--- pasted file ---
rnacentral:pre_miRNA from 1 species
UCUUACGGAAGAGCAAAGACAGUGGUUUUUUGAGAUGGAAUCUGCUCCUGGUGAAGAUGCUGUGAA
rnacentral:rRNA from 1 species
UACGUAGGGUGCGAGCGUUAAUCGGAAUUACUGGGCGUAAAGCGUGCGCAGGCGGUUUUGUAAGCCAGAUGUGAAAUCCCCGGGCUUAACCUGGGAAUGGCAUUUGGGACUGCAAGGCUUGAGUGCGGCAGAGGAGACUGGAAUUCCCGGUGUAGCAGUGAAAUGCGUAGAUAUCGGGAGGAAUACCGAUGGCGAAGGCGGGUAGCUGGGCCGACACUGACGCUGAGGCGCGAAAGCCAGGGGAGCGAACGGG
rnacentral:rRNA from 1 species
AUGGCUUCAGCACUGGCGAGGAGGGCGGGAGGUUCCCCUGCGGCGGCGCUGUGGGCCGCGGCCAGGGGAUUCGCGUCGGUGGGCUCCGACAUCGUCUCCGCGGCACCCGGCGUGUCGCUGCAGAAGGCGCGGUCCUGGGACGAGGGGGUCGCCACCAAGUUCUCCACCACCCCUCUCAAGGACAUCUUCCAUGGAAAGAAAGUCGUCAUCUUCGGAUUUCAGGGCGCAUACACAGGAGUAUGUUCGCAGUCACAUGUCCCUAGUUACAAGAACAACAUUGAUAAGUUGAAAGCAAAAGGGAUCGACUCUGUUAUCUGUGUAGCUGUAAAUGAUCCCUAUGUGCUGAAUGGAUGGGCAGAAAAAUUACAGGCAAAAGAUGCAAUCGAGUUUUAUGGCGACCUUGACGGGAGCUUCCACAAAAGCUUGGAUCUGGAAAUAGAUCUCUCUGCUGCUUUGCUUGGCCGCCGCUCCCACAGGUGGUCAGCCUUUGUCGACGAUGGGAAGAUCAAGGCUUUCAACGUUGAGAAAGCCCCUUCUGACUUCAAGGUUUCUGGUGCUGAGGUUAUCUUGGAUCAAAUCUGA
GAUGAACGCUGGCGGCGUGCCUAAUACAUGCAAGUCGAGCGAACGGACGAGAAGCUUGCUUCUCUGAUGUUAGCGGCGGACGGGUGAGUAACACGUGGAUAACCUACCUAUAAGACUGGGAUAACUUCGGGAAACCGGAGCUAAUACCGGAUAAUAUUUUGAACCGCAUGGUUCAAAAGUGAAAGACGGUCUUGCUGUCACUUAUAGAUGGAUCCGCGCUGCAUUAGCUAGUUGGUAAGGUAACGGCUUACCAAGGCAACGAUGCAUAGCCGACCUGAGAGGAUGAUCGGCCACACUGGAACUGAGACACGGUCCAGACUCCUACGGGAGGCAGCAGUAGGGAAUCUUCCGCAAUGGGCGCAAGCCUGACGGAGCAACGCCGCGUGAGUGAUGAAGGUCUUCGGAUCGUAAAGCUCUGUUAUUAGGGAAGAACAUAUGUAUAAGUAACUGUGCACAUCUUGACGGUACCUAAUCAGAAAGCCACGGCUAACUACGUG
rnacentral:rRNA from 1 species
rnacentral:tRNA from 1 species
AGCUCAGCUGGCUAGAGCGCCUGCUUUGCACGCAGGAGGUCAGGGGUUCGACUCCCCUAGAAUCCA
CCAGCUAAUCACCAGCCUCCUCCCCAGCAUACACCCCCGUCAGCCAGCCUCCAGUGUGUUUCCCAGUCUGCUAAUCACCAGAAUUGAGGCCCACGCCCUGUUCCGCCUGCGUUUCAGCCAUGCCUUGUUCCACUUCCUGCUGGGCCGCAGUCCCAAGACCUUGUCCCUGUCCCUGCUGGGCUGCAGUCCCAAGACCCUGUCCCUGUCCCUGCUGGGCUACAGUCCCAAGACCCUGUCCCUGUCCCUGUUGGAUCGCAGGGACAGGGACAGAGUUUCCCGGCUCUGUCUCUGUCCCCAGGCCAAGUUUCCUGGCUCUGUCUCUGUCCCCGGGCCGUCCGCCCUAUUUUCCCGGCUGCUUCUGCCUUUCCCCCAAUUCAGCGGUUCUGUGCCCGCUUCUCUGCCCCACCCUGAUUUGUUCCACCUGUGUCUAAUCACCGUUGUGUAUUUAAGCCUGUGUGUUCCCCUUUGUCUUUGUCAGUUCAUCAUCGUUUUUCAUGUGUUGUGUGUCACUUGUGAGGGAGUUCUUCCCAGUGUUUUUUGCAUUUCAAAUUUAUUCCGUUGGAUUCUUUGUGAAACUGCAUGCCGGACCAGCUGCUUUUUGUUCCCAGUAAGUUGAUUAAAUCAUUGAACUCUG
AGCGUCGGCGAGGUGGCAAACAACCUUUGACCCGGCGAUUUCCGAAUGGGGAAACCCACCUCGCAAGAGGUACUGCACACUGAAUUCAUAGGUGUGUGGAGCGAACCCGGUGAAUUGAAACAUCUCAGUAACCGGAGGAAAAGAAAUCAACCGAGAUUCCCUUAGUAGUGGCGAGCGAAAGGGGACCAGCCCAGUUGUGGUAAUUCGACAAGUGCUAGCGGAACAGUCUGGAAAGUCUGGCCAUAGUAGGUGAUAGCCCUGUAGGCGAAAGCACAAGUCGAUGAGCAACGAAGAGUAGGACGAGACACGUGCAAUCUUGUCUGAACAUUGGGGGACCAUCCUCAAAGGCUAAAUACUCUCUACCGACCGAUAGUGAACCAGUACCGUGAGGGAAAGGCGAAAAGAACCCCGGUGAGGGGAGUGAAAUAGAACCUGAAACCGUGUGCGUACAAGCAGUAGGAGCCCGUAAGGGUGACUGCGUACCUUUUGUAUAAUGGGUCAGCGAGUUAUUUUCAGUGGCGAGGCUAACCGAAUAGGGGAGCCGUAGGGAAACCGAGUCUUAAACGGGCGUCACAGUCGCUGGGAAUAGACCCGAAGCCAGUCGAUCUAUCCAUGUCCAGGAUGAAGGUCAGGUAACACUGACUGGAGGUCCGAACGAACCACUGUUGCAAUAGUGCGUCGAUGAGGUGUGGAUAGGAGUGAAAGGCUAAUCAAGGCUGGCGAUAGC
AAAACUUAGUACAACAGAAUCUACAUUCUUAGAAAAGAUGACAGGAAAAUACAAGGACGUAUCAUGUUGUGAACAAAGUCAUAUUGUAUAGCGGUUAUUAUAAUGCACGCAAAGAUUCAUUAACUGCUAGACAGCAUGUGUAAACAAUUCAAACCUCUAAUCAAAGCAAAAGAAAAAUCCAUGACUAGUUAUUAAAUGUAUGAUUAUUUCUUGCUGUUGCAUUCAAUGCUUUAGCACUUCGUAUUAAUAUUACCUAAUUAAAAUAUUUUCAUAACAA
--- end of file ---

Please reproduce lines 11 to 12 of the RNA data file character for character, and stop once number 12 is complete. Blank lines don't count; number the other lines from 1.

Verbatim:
CCAGCUAAUCACCAGCCUCCUCCCCAGCAUACACCCCCGUCAGCCAGCCUCCAGUGUGUUUCCCAGUCUGCUAAUCACCAGAAUUGAGGCCCACGCCCUGUUCCGCCUGCGUUUCAGCCAUGCCUUGUUCCACUUCCUGCUGGGCCGCAGUCCCAAGACCUUGUCCCUGUCCCUGCUGGGCUGCAGUCCCAAGACCCUGUCCCUGUCCCUGCUGGGCUACAGUCCCAAGACCCUGUCCCUGUCCCUGUUGGAUCGCAGGGACAGGGACAGAGUUUCCCGGCUCUGUCUCUGUCCCCAGGCCAAGUUUCCUGGCUCUGUCUCUGUCCCCGGGCCGUCCGCCCUAUUUUCCCGGCUGCUUCUGCCUUUCCCCCAAUUCAGCGGUUCUGUGCCCGCUUCUCUGCCCCACCCUGAUUUGUUCCACCUGUGUCUAAUCACCGUUGUGUAUUUAAGCCUGUGUGUUCCCCUUUGUCUUUGUCAGUUCAUCAUCGUUUUUCAUGUGUUGUGUGUCACUUGUGAGGGAGUUCUUCCCAGUGUUUUUUGCAUUUCAAAUUUAUUCCGUUGGAUUCUUUGUGAAACUGCAUGCCGGACCAGCUGCUUUUUGUUCCCAGUAAGUUGAUUAAAUCAUUGAACUCUG
AGCGUCGGCGAGGUGGCAAACAACCUUUGACCCGGCGAUUUCCGAAUGGGGAAACCCACCUCGCAAGAGGUACUGCACACUGAAUUCAUAGGUGUGUGGAGCGAACCCGGUGAAUUGAAACAUCUCAGUAACCGGAGGAAAAGAAAUCAACCGAGAUUCCCUUAGUAGUGGCGAGCGAAAGGGGACCAGCCCAGUUGUGGUAAUUCGACAAGUGCUAGCGGAACAGUCUGGAAAGUCUGGCCAUAGUAGGUGAUAGCCCUGUAGGCGAAAGCACAAGUCGAUGAGCAACGAAGAGUAGGACGAGACACGUGCAAUCUUGUCUGAACAUUGGGGGACCAUCCUCAAAGGCUAAAUACUCUCUACCGACCGAUAGUGAACCAGUACCGUGAGGGAAAGGCGAAAAGAACCCCGGUGAGGGGAGUGAAAUAGAACCUGAAACCGUGUGCGUACAAGCAGUAGGAGCCCGUAAGGGUGACUGCGUACCUUUUGUAUAAUGGGUCAGCGAGUUAUUUUCAGUGGCGAGGCUAACCGAAUAGGGGAGCCGUAGGGAAACCGAGUCUUAAACGGGCGUCACAGUCGCUGGGAAUAGACCCGAAGCCAGUCGAUCUAUCCAUGUCCAGGAUGAAGGUCAGGUAACACUGACUGGAGGUCCGAACGAACCACUGUUGCAAUAGUGCGUCGAUGAGGUGUGGAUAGGAGUGAAAGGCUAAUCAAGGCUGGCGAUAGC